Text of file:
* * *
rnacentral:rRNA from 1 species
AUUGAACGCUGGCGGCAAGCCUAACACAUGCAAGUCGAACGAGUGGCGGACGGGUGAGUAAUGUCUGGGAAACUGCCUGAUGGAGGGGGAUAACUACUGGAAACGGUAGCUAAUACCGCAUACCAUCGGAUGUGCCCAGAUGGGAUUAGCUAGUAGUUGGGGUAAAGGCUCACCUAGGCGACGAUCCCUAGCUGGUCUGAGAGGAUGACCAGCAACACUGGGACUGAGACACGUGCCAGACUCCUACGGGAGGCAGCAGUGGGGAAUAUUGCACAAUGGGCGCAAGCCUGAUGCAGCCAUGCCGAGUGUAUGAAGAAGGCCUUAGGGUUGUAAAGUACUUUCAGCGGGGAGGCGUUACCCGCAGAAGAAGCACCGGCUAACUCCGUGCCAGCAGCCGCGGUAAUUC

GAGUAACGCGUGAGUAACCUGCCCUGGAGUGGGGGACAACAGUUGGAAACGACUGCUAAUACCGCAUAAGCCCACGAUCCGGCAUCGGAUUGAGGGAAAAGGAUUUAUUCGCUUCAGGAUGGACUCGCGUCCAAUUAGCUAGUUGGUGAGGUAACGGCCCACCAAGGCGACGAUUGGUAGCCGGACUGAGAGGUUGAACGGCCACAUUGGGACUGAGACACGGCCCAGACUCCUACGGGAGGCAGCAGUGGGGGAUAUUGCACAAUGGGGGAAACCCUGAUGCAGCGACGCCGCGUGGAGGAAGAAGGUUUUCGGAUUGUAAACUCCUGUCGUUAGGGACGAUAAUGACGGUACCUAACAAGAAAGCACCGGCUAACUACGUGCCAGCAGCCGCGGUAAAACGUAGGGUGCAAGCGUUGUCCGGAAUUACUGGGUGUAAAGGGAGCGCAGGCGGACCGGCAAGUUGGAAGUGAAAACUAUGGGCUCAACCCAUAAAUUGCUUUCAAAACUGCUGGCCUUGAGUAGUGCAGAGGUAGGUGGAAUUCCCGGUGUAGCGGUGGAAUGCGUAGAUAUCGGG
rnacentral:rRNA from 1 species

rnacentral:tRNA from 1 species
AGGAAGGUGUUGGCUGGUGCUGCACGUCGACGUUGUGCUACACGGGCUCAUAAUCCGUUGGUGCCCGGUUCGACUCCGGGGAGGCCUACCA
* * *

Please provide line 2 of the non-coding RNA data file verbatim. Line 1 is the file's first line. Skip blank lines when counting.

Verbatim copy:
AUUGAACGCUGGCGGCAAGCCUAACACAUGCAAGUCGAACGAGUGGCGGACGGGUGAGUAAUGUCUGGGAAACUGCCUGAUGGAGGGGGAUAACUACUGGAAACGGUAGCUAAUACCGCAUACCAUCGGAUGUGCCCAGAUGGGAUUAGCUAGUAGUUGGGGUAAAGGCUCACCUAGGCGACGAUCCCUAGCUGGUCUGAGAGGAUGACCAGCAACACUGGGACUGAGACACGUGCCAGACUCCUACGGGAGGCAGCAGUGGGGAAUAUUGCACAAUGGGCGCAAGCCUGAUGCAGCCAUGCCGAGUGUAUGAAGAAGGCCUUAGGGUUGUAAAGUACUUUCAGCGGGGAGGCGUUACCCGCAGAAGAAGCACCGGCUAACUCCGUGCCAGCAGCCGCGGUAAUUC